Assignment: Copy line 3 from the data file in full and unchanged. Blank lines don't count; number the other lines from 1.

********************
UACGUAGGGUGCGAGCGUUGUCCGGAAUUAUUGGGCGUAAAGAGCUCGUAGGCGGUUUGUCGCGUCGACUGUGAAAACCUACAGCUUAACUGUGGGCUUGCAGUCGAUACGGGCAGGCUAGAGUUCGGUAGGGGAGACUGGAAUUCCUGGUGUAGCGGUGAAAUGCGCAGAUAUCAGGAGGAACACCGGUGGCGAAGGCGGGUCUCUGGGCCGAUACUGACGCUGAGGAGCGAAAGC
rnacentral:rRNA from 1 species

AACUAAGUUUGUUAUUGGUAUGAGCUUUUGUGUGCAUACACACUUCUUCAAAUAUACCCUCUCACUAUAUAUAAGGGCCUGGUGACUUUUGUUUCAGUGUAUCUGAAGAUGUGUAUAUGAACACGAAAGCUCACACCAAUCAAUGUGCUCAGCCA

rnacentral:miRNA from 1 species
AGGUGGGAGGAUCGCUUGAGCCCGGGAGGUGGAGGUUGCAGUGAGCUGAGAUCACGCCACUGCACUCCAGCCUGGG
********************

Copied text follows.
AACUAAGUUUGUUAUUGGUAUGAGCUUUUGUGUGCAUACACACUUCUUCAAAUAUACCCUCUCACUAUAUAUAAGGGCCUGGUGACUUUUGUUUCAGUGUAUCUGAAGAUGUGUAUAUGAACACGAAAGCUCACACCAAUCAAUGUGCUCAGCCA